March 7, 2018, 21:00 #4 New Member   Pan Aniu Join Date: Mar 2018 Location: Wuhan Posts: 7 Rep Power: 6 I have a similar problem when I simulated mass transfer of the interface in Fluent. Jagged lines will make the evolution of the sinusoid interface become out of expectation. I wonder whether you have solved the problem and please do me a favor to give me some suggestion.

 January 13, 2020, 11:20 #5 Senior Member   Join Date: Jul 2019 Posts: 148 Rep Power: 4 Dear AMK53, Greetings. I am wondering how did you add the perturbation. Thanks

 January 14, 2020, 05:27 #6 Senior Member   Yogesh Bapat Join Date: Oct 2010 Posts: 102 Rep Power: 13 Hello, As Peter mentioned you can use VOF for RT instability. You can use two different fluid with given gas densities. Regards, -Yogesh

 January 17, 2020, 02:19 #7 New Member   Pavan Inguva Join Date: Dec 2019 Location: Singapore Posts: 7 Rep Power: 4 Hey @Bodo1993! Its possible to use either a codestream in the 0/alpha.water file or use funkySetFields with swak4Foam. To implement the code stream, add this to your 0/alpha.water: ``` internalField #codeStream { codeInclude #{ #include "fvCFD.H" #}; codeOptions #{ -I\$(LIB_SRC)/finiteVolume/lnInclude \ -I\$(LIB_SRC)/meshTools/lnInclude #}; codeLibs #{ -lmeshTools \ -lfiniteVolume #}; code #{ const IOdictionary& d = static_cast(dict); const fvMesh& mesh = refCast(d.db()); scalarField alpha(mesh.nCells(), 0.); forAll(alpha, i) { const scalar x = mesh.C()[i][0]; const scalar y = mesh.C()[i][1]; if (y >= 2.1 + 0.1*Foam:ow(cos(constant::mathematical:i*x)*co s(constant::mathematical:i*x), 2)) { alpha[i] = 1.; } } Foam::writeEntry(os,alpha); #}; }; ``` This is for openfoam 7. MMNCH likes this.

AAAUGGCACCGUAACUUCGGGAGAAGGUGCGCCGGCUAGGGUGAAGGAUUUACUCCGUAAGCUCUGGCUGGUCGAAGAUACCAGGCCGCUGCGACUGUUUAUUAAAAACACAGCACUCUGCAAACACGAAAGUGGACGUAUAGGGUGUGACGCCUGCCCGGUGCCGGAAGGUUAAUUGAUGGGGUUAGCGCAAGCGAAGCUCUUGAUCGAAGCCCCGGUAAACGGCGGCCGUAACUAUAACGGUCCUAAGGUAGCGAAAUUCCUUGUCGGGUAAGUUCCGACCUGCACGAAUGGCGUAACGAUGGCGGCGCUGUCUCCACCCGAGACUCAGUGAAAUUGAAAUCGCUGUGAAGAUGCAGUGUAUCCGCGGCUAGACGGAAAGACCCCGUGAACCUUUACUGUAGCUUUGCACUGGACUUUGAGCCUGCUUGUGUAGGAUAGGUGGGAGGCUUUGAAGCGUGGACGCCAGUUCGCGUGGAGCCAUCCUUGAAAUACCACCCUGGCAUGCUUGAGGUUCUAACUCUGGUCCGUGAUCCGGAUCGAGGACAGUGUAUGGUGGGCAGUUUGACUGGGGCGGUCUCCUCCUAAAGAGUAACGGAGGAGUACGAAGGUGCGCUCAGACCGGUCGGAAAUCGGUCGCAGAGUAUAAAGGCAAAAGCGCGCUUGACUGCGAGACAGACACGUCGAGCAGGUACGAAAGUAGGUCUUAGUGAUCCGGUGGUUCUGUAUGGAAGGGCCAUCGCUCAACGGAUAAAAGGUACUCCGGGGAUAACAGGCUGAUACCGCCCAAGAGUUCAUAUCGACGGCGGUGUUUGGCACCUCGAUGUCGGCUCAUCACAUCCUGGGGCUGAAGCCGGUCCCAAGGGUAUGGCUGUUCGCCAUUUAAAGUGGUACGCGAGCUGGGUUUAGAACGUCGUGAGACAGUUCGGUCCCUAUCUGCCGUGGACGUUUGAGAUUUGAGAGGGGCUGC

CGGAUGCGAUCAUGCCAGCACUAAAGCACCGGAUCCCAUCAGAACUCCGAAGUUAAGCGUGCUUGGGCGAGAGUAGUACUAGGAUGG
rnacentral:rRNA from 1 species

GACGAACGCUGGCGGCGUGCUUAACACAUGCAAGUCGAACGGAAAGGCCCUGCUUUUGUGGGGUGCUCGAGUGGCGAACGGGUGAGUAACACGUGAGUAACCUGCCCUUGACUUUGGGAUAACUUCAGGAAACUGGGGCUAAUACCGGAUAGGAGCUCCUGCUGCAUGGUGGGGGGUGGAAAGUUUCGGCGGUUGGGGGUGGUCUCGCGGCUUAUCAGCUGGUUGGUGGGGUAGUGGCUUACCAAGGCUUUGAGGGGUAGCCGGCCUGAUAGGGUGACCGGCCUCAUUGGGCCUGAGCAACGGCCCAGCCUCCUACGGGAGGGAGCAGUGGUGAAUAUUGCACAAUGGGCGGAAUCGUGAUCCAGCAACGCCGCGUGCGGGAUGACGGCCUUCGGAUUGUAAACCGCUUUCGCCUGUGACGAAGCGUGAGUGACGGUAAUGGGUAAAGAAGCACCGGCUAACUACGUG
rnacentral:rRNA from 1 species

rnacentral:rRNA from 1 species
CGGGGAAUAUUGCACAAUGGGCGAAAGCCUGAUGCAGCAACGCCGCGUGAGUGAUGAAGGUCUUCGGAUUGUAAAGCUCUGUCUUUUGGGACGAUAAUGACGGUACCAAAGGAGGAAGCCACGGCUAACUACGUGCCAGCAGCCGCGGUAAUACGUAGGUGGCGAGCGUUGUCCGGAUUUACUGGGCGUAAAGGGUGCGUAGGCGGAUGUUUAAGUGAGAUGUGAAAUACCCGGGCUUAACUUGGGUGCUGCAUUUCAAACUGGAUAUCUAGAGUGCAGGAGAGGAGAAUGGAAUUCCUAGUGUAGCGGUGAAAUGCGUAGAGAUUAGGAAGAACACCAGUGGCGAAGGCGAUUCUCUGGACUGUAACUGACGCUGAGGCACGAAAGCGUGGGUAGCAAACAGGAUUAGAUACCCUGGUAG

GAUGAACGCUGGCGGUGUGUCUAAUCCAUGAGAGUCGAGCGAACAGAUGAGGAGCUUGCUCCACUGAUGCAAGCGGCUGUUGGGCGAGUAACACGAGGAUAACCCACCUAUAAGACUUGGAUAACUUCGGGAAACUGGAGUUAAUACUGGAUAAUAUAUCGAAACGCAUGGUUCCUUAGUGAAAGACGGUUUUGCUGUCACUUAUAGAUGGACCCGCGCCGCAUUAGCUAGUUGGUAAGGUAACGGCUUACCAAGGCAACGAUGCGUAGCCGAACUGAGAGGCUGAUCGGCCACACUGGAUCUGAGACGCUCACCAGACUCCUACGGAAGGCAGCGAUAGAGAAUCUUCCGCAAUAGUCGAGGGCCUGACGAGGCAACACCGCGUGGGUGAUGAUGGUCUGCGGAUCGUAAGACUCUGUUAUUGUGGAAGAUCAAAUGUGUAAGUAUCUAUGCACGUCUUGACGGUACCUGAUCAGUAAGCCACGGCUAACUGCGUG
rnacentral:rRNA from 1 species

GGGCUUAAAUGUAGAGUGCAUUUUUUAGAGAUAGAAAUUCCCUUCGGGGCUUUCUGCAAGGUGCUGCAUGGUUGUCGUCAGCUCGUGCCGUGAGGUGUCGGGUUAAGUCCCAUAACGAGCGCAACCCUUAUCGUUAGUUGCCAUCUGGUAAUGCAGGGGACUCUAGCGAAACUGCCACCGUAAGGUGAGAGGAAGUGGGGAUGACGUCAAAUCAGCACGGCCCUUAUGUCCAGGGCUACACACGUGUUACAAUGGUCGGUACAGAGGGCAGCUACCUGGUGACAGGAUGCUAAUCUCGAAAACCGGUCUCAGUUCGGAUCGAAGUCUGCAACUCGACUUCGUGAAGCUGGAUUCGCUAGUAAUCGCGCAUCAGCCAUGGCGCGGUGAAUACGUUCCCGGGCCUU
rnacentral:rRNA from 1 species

January 17, 2020, 10:52
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Quote:
 Originally Posted by pavaninguva Hey @Bodo1993! Its possible to use either a codestream in the 0/alpha.water file or use funkySetFields with swak4Foam. To implement the code stream, add this to your 0/alpha.water: ``` internalField #codeStream { codeInclude #{ #include "fvCFD.H" #}; codeOptions #{ -I\$(LIB_SRC)/finiteVolume/lnInclude \ -I\$(LIB_SRC)/meshTools/lnInclude #}; codeLibs #{ -lmeshTools \ -lfiniteVolume #}; code #{ const IOdictionary& d = static_cast(dict); const fvMesh& mesh = refCast(d.db()); scalarField alpha(mesh.nCells(), 0.); forAll(alpha, i) { const scalar x = mesh.C()[i][0]; const scalar y = mesh.C()[i][1]; if (y >= 2.1 + 0.1*Foam:ow(cos(constant::mathematical:i*x)*co s(constant::mathematical:i*x), 2)) { alpha[i] = 1.; } } Foam::writeEntry(os,alpha); #}; }; ``` This is for openfoam 7.